Govt allows killing of wild boar, but with conditions



Marauding wild boars in Goa are finally open game now, with government riders of course. 

In a populist decision ahead of the assembly polls, the Goa government has allowed culling of the shaggy boars, amid repeated complaints by farmers whose farms and crops have been ravaged by the species which are protected under the Schedule III of the Wildlife Protection Act. 

But before you pick up your guns and go trigger-happy, an order issued by the Principal Chief Conservator of Forests Santosh Kumar has said that wild pigs (scientific name sus scrofa) can only be culled in cultivable areas, by following procedure laid down by the department. 

And most significantly, the carcass of the beast is designated as government property, once killed. 

"In exercise of the power conferred by sub-section (2) of the section 5 of the Wildlife (Protection) Act, 1972, I, the Chief Wildlife Warden Goa, with prior approval of the Government of Goa do hereby delegate, the powers and duties under clause (b) of sub section (1) of section 11 of the said Act exclusively in relation to the wild animal, namely wild pig (sus scrofa) as specified at serial number 19 of the Schedule III of the said act, to Dy. Conservator of Forests (North Goa Forest Division) and Dy. Conservator of Forests, (South Goa Forest Division)," an order issued by Santosh Kumar said.

The order issued by the Forest Department shall come into force from the date of its publication in the official gazette.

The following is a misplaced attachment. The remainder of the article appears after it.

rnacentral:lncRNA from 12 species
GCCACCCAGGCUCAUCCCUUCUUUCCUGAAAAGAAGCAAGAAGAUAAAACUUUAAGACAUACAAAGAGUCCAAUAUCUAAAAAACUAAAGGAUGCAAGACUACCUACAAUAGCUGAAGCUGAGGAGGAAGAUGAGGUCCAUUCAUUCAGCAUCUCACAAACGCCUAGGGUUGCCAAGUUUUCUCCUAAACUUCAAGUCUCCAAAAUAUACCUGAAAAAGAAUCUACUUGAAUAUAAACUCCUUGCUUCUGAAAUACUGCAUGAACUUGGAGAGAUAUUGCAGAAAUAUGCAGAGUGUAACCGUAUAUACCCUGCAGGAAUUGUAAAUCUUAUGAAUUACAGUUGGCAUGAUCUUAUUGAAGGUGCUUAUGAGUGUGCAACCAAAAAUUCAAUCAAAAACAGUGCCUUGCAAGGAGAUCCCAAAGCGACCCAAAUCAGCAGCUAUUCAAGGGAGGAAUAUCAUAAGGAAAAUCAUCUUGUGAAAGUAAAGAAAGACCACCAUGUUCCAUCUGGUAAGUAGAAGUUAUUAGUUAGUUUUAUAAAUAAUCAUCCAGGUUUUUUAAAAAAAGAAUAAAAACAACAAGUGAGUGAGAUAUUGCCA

According to government norms, the process of culling wild boars has to be initiated with a complaint filed by a farmer to the local wildlife warden, following which a range forest officer (RFO) will be designated to carry out a panchnama of the destruction caused by wild boars to the plantation or field.

The permission to kill the errant boars will then be accorded for a specific period, specific to a site and will be non-transferable and only expert shooters with a valid licence to carry a heavy bore gun can be allowed to hunt the boars to ensure a clean kill.

Permission to kill wild boars is only limited to private cultivations and cannot be extended to government property or protected areas, according to the Wildlife Protection Act. 

Once felled, the carcass of the pig would then be designated as government property and cannot be consumed or sold commercially.

Rapid deforestation and urbanization has led to increasing human-wild animal conflict throughout the state.

Recently, Chief Minister Pramod Sawant told the state legislative assembly that the Goa government was in the process of planting fruit bearing trees in forest areas and other lands available for plantations to prevent wild animals from entering human habitation.

Some years back peacocks featured on the state agriculture ministry's wish-list of vermin species, along with monkeys and bisons, with farmers claiming the species were damaging crops extensively. While the peacock is the national bird, the bison is the state animal.

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